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DELLAMORE v. STENROS

UNITED STATES DISTRICT COURT FOR THE SOUTHERN DISTRICT OF NEW YORK


February 16, 1995

NARCIUSSUS DELLAMORE, Plaintiff, against C.O. STENROS, et al., Defendants.

The opinion of the court was delivered by: SONIA SOTOMAYOR

OPINION

 SONIA SOTOMAYOR, U.S.D.J.

 Memorandum Opinion and Order

 Pro se plaintiff Narciussus Dellamore ("Dellamore") brings this action pursuant to 42 U.S.C. § 1983 ("§ 1983"), alleging that corrections officers at the Woodbourne Correctional Facility ("Woodbourne") violated his constitutional rights during a strip search. Defendants seek to dismiss this action for failure to state a claim, as well as on qualified immunity grounds, pursuant to Rule 56 of the Federal Rules of Civil Procedure. For the reasons discussed below, the motion is denied.

 Background

 On August 15, 1992, Dellamore attended a Catholic Family Day event held inside the Woodbourne gymnasium, where prisoners were permitted visits from family and friends. To prevent contraband from being passed to prisoners during these visits, the New York State Department of Correctional Services promulgated Directive 4910, which sets forth guidelines on the conduct of post-visit searches. Strip frisks are searches that include visual inspections of body cavities, and are conducted after all "contact" visits. See Directive 4910, attached as Exhibit A to Notice of Motion dated August 17, 1994, at 11. Strip frisks do not entail any physical instructions into the body, and may be performed by corrections officers. Id. at 22. In contrast, a body cavity search is a search that "involves an intrusion into a body cavity by the person conducting the search." Id. Body cavity searches may be performed only by trained medical personnel, such as physicians, physicians' assistants, and registered nurses. Id. at 24.

 Defendant Correction Officer Dwayne Scott attempted to strip frisk Dellamore after his visit was over. Dellamore, however, refused to submit to a strip frisk. Dellamore alleges that Corrections Officers Allen Sicina, James Hopkins, Stephen Stenros and Sergeant Dwayne LaBagh joined Officer Scott in responding to Dellamore's refusal by harassing him. He also claims that he was handcuffed, placed in a chokehold, and then forced to bend over and submit to an anal cavity search. Dellamore alleges that he was physically penetrated by the finger of one of the officers during the anal cavity search.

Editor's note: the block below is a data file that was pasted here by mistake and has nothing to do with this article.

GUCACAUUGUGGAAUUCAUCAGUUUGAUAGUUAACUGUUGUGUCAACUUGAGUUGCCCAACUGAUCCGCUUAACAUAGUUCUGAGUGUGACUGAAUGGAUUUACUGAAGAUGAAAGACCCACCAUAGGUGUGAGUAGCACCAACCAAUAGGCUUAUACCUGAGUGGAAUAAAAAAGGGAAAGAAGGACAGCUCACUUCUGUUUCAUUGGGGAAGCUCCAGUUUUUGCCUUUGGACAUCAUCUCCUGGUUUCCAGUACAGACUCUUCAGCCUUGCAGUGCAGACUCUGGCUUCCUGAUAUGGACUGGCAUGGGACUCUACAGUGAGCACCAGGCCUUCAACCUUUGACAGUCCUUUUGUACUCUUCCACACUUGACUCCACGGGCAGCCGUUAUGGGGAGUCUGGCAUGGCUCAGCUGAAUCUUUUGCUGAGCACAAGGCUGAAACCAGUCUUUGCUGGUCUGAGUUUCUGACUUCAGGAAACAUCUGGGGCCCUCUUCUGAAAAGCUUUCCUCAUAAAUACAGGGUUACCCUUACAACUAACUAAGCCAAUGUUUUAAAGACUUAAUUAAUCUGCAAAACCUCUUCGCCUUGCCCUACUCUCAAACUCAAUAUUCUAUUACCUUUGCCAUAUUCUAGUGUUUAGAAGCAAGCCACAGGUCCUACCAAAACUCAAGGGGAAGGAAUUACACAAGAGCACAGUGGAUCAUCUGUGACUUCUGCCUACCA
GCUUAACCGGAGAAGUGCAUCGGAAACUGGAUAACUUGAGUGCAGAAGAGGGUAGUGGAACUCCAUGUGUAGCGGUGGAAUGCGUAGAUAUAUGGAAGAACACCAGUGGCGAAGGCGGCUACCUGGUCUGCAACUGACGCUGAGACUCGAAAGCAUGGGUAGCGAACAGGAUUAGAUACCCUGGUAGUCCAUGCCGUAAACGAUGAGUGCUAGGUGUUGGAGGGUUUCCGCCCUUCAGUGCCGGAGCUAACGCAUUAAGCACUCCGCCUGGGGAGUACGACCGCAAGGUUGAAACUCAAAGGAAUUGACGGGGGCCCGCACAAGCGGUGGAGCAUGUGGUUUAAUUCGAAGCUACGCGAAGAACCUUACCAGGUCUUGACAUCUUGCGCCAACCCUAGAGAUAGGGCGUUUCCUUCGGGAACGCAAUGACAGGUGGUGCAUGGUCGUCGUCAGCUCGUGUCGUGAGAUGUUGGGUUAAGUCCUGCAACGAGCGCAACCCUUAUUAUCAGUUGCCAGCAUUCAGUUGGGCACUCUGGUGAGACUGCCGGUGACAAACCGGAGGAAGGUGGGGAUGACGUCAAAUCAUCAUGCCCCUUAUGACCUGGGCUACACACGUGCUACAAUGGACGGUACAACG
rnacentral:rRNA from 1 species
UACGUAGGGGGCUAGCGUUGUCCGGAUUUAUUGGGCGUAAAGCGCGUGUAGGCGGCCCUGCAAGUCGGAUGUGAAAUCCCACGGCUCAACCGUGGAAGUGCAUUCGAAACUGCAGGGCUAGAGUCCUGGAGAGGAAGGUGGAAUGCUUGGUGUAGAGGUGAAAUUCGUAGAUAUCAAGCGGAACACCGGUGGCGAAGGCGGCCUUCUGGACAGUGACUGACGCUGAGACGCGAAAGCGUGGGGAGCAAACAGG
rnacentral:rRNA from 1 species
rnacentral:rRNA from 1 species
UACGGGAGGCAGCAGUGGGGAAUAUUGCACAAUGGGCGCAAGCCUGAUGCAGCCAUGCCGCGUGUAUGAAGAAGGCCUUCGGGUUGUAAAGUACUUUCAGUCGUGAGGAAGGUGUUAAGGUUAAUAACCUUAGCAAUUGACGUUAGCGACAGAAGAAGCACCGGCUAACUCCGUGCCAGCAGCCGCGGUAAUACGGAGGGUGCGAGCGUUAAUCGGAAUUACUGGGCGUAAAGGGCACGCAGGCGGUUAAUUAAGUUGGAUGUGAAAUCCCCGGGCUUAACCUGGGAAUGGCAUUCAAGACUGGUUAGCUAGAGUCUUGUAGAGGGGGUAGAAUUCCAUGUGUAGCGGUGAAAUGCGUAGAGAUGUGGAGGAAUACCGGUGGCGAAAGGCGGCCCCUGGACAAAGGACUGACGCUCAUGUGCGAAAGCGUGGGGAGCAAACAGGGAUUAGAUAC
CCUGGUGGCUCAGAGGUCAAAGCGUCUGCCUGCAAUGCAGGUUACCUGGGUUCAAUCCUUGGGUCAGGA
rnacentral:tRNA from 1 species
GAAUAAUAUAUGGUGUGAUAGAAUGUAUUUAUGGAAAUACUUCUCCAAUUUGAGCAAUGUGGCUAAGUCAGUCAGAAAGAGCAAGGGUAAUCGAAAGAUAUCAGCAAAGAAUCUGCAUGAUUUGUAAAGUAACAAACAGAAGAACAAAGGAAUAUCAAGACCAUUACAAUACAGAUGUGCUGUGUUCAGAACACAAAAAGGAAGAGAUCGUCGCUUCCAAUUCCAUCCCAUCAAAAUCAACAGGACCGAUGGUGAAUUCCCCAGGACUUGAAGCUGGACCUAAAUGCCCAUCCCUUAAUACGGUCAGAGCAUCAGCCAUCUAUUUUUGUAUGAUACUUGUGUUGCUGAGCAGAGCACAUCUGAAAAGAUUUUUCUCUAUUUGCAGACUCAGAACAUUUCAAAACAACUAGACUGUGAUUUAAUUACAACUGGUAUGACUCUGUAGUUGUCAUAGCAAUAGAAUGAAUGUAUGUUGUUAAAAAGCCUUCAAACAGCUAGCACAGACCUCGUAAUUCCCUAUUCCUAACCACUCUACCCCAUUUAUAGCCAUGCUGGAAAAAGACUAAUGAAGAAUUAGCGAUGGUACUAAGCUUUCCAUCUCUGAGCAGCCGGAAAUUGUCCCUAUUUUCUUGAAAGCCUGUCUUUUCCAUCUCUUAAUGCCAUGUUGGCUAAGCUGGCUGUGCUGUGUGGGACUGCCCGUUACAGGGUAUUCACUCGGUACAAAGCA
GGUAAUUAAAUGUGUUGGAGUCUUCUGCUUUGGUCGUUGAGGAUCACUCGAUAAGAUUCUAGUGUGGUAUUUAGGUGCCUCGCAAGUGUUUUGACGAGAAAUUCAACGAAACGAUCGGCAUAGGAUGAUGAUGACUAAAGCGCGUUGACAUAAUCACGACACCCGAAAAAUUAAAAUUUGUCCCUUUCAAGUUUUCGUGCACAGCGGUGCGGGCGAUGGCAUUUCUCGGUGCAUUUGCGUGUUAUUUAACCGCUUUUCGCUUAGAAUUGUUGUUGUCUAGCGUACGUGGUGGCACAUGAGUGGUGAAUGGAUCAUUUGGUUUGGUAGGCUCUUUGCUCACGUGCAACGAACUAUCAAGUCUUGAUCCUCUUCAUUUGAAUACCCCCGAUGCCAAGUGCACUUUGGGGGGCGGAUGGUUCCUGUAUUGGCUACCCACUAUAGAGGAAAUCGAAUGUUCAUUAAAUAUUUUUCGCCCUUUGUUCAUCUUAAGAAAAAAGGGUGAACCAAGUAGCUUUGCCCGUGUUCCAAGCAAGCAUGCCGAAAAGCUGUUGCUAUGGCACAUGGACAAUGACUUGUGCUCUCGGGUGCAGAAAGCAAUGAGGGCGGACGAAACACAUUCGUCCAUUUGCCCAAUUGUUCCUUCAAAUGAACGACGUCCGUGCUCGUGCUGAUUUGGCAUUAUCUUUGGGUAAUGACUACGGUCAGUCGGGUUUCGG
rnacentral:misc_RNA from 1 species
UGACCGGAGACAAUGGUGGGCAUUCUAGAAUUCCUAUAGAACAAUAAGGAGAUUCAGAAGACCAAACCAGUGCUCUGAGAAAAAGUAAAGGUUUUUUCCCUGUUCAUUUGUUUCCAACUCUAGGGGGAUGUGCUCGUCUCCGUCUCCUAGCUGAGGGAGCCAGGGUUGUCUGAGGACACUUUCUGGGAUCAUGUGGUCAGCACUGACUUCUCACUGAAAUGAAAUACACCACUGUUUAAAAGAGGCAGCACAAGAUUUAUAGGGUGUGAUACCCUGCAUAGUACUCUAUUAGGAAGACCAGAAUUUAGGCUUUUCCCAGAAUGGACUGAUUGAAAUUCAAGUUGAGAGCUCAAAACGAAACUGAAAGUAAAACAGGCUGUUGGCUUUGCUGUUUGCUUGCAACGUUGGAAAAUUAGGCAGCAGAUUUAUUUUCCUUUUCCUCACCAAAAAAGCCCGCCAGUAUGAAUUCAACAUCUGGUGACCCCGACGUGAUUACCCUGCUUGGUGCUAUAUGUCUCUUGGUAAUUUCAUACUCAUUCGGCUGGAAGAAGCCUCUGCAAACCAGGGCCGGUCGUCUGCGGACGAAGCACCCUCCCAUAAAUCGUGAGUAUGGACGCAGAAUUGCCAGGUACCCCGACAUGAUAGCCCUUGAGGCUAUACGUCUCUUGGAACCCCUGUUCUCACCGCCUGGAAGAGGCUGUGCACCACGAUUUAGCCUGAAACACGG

Discussion

 Rule 56(c) provides that summary judgment is appropriate when:

 

the pleadings, depositions, answers to interrogatories, and admissions on file, together with the affidavits, if any, show that there is no genuine issue as to any material fact and that the moving party is entitled to a judgment as a matter of law.

 The burden is on the moving party to show that no genuine issue of material fact exists. Gallo v. Prudential Residential Servs., Ltd. Partnership, 22 F.3d 1219, 1223 (2d Cir. 1994) (citation omitted). A genuine issue of material fact exists where "the evidence is such that 'a reasonable jury could return a verdict for the nonmoving party.'" Iacobelli Constr. Inc. v. County of Monroe, 32 F.3d 19, 23 (2d Cir. 1994) (quoting Anderson v. Liberty Lobby, Inc., 477 U.S. 242, 248, 106 S. Ct. 2505, 91 L. Ed. 2d 202 (1986). In determining whether a genuine issue of material facts exists, all ambiguities must be resolved and all inferences drawn in favor of the nonmoving party. Id.

 "The moving party may obtain summary judgment by showing that little or no evidence may be found in support of the nonmoving party's case." Gallo, 22 F.3d at 1223-24 (citing Celotex Corp. v. Catrett, 477 U.S. 317, 325, 106 S. Ct. 2548, 91 L. Ed. 2d 265 (1986); DiCola v. SwissRe Holding (N.A.), Inc., 996 F.2d 30, 32 (2d Cir. 1993)). Establishing the "'mere existence of some alleged factual dispute between the parties will not defeat an otherwise properly supported motion for summary judgment.'" Rexnord Holdings, Inc. v. Bidermann, 21 F.3d 522, 525 (2d Cir. 1994) (quoting Anderson, 477 U.S. at 247-48). Rather, to defeat a summary judgment motion, the responding party must show the existence of a disputed material fact in light of the substantive law. Iacobelli Constr., 32 F.3d at 23 (citing Anderson, 477 U.S. at 248).

 On a summary judgment motion, courts construe the papers of pro se plaintiffs liberally. Hughes v. Rowe, 449 U.S. 5, 9, 101 S. Ct. 173, 66 L. Ed. 2d 163 (1980) (per curiam). To state a claim under § 1983, a plaintiff must allege that defendants, acting under color of state law, violated a federally protected right. Gomez v. Toledo, 446 U.S. 635, 640, 100 S. Ct. 1920, 64 L. Ed. 2d 572 (1980).